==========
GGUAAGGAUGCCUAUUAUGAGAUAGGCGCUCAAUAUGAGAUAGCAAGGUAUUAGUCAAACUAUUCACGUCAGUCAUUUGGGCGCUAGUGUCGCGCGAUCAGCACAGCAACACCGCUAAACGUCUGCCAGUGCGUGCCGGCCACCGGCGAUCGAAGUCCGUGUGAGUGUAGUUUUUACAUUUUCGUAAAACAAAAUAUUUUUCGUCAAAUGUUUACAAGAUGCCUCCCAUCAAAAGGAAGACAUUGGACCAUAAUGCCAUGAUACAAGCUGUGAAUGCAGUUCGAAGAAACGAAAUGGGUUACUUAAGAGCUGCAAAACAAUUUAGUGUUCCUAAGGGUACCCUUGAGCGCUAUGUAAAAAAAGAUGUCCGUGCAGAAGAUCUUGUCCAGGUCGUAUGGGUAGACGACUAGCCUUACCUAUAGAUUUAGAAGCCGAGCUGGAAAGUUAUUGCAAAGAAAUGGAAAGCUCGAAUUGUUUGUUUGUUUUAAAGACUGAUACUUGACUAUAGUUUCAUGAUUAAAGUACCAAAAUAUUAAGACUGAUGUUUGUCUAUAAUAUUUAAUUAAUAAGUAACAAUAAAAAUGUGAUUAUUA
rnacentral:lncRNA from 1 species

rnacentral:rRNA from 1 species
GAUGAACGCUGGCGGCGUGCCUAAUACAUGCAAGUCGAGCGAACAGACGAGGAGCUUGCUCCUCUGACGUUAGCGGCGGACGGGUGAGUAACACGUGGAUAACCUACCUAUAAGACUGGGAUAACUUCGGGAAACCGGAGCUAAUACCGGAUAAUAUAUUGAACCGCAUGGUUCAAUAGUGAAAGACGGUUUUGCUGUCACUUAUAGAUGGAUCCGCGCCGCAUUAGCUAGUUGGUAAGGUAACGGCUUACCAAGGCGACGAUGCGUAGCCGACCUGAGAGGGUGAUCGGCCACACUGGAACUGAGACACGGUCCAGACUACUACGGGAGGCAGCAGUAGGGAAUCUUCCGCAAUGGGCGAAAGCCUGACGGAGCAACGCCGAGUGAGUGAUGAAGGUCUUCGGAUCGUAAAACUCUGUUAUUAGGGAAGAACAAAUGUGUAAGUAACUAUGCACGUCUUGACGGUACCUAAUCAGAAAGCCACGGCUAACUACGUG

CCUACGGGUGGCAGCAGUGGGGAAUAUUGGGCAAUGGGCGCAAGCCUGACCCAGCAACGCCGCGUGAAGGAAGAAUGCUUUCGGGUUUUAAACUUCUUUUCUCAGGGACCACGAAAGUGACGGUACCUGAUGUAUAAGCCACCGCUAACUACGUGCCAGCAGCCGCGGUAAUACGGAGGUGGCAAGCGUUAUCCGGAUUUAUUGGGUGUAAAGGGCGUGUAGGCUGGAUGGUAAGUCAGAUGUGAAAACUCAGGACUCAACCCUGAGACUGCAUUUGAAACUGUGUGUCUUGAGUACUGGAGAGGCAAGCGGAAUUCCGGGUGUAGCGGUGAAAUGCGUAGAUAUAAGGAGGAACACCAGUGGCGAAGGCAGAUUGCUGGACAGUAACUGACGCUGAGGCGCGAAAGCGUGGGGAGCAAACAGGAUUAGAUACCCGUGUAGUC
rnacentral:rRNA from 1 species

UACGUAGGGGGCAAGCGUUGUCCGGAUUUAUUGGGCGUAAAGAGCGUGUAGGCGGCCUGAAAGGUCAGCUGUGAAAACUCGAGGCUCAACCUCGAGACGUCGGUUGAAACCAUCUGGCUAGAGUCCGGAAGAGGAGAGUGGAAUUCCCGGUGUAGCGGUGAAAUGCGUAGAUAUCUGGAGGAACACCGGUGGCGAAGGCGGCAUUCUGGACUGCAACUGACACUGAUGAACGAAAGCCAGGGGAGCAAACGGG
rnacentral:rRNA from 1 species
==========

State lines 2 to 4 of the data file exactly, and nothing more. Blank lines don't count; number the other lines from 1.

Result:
rnacentral:lncRNA from 1 species

rnacentral:rRNA from 1 species
GAUGAACGCUGGCGGCGUGCCUAAUACAUGCAAGUCGAGCGAACAGACGAGGAGCUUGCUCCUCUGACGUUAGCGGCGGACGGGUGAGUAACACGUGGAUAACCUACCUAUAAGACUGGGAUAACUUCGGGAAACCGGAGCUAAUACCGGAUAAUAUAUUGAACCGCAUGGUUCAAUAGUGAAAGACGGUUUUGCUGUCACUUAUAGAUGGAUCCGCGCCGCAUUAGCUAGUUGGUAAGGUAACGGCUUACCAAGGCGACGAUGCGUAGCCGACCUGAGAGGGUGAUCGGCCACACUGGAACUGAGACACGGUCCAGACUACUACGGGAGGCAGCAGUAGGGAAUCUUCCGCAAUGGGCGAAAGCCUGACGGAGCAACGCCGAGUGAGUGAUGAAGGUCUUCGGAUCGUAAAACUCUGUUAUUAGGGAAGAACAAAUGUGUAAGUAACUAUGCACGUCUUGACGGUACCUAAUCAGAAAGCCACGGCUAACUACGUG